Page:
Publisert: 26. juni, 2014
Análisis en español aquí
I can barely recomend this game. It is good but a small amount of issues makes it not so pleasurable as it should.
For start I should explain what this game is about, without going into details about the rules and moves of each type of piece.
Hive is a well known tabletop game for two player. It doesn't use a board, instead players take turns to place or move their hexagonal pieces (representing bugs) contacting one another and thus forming the playing area (hive). Each type of piece has its own move (like chess). The goal is surround the opponent's queen bee while we protect our own queen.
Hive is a very good game, awarded over here and over there, by these and those people. The description of the Steam store handles make it clear that it is a awarded game. It's a game with not too much rules to learn, easy to play. Still the game has a lot of strategy to consider. Move or place? Attack or defend? Which and how many bugs play or conserve?
The game stays true to the rules of the tabletop game and therefore it's played practically the same, except for the difference we not have to wonder if every move is valid. Just click on on of your pieces and it will be show the places where we can place it with another click.
About the AI, it can take too long time to decide to move, especially in higher difficulties, so the match will always be interrupted. Also the AI is not very smart in higher difficulties.
*Graphic user interface
The menu is simple and minimalist. That is usually good, but this time it's taken to the extreme scarcing in basic options such as selecting screen resolution.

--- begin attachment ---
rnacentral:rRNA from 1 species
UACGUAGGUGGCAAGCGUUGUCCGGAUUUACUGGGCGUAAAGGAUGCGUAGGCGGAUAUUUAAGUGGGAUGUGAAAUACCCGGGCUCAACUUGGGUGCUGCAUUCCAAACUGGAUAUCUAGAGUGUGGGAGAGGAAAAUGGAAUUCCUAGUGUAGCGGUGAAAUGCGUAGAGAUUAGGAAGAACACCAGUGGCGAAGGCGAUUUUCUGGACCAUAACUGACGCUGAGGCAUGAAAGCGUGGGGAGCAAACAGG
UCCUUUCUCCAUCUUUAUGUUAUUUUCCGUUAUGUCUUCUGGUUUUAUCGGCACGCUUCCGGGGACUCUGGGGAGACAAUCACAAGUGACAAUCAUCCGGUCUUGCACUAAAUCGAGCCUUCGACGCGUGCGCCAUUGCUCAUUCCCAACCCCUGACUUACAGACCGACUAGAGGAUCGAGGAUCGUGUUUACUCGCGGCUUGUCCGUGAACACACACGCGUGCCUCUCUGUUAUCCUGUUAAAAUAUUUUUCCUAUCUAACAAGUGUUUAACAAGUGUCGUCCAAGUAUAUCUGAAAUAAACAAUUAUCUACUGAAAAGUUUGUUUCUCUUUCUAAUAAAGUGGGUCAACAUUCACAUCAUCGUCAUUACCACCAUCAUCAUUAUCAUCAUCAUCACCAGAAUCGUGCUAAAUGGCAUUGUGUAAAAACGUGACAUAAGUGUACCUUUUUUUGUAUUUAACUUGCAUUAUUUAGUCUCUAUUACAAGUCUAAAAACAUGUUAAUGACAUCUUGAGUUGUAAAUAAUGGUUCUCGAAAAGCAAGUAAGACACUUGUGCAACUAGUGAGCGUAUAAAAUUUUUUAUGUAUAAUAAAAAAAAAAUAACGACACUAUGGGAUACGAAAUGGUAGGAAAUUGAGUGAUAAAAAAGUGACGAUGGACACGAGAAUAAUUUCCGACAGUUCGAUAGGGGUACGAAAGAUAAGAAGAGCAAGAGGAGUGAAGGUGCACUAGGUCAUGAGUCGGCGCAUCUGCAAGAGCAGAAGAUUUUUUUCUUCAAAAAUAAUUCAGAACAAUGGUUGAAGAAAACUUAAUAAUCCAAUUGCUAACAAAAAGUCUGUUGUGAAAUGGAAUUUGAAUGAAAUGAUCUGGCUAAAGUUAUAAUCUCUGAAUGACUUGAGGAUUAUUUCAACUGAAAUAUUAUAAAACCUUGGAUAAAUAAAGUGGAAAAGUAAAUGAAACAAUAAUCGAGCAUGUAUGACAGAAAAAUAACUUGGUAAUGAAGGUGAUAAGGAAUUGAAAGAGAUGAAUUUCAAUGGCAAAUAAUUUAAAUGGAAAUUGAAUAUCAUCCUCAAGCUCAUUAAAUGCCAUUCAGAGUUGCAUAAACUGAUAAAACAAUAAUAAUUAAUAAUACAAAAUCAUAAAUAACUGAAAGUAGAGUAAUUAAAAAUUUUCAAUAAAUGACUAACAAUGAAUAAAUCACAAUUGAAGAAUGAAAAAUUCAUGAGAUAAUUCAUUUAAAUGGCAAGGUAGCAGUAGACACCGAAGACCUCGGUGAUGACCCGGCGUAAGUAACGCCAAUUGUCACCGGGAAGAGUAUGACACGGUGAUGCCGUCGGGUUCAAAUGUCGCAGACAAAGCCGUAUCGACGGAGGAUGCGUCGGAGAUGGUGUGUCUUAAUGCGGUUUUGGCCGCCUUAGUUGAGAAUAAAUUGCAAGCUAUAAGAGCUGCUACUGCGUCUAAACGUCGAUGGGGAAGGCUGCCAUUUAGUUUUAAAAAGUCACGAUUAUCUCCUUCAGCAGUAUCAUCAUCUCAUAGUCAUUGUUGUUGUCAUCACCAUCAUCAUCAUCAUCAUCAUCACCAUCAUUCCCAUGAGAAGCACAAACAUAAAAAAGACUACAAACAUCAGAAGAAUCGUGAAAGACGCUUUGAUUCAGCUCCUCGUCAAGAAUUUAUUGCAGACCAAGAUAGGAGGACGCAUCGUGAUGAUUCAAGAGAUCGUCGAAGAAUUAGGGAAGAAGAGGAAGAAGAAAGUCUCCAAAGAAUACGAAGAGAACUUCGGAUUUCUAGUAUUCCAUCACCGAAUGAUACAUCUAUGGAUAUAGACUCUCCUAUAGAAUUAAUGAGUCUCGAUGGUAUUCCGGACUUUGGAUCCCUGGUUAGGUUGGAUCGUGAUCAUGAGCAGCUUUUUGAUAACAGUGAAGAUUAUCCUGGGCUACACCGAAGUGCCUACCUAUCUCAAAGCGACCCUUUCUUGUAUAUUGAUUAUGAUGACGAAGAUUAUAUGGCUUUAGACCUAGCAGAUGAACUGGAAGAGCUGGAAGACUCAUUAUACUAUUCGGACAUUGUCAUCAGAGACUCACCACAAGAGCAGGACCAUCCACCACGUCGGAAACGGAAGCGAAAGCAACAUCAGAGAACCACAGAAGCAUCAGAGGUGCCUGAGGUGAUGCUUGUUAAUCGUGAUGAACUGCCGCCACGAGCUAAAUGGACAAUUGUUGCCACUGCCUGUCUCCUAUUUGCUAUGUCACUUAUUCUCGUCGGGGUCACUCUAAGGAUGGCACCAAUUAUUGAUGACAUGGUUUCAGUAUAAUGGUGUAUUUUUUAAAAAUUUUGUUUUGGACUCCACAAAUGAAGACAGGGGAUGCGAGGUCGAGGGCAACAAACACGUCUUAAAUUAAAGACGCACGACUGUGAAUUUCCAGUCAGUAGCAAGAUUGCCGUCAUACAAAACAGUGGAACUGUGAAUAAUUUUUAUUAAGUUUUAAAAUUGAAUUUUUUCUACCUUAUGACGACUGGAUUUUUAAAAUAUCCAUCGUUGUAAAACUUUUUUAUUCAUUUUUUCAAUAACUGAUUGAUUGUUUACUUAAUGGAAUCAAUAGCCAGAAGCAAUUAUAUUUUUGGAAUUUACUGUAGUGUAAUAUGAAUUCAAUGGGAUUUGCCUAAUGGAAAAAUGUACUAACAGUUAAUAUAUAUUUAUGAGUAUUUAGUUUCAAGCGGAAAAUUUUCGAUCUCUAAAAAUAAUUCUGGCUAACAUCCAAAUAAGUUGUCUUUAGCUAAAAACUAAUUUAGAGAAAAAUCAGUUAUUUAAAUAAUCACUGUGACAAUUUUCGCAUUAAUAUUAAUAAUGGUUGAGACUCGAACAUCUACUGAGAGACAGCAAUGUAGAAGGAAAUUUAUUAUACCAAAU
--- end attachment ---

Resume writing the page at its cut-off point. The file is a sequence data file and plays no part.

When a match is created you can choose how to compete with our rival (remember that it's a two players game). We can play against artificial intelligence on 5 difficulties, on line through Steam, and two local modes, each player with its own peripheral (keyboard and gamepad) or sharing the same peripheral (pass and play).
During the match, the playground is a wooden surface, on which we will place the pieces. The pieces are placed or moved, first by clicking them and then clicking on one of the marked areas. The pieces can't be dragged.
We can control the point of view but not the zoom, which is automatically adjusted to make visible all pieces.
It can be summarized as boring and repetitive. Little choice and very boring. I know it must not distract players, but it is soooo boring that is annoying and you will end up turning it off. As a curiosity I can mention that some sound effects and music are free from Freesound.org
* Online gaming
As multiplayer game, online gaming should be an important part. In this section we can create and join public and private lobby, although the private ones can only be joined by invitation.
It has an ELO rating system (like chess and go). This is a scoring system to calculate the skill level of the players. So when creating a game we can choose whether we want it to be "rated game" or not. That is if we want to bear in mind that rating system for the match or not.
It doesn't have online player waiting to play. It's one of those games you must play with friends since you can not find random players.
An important negative point is that the online game often fails, forcing you to restart it. That doesn't always happen, only in matches you think you are going to win. I don't know how that affects your score because I have not played with that option enabled, but I suspect it should not be good since my opponent informed me that the game notify him I abandoned the match
when it failed and we had to start another one.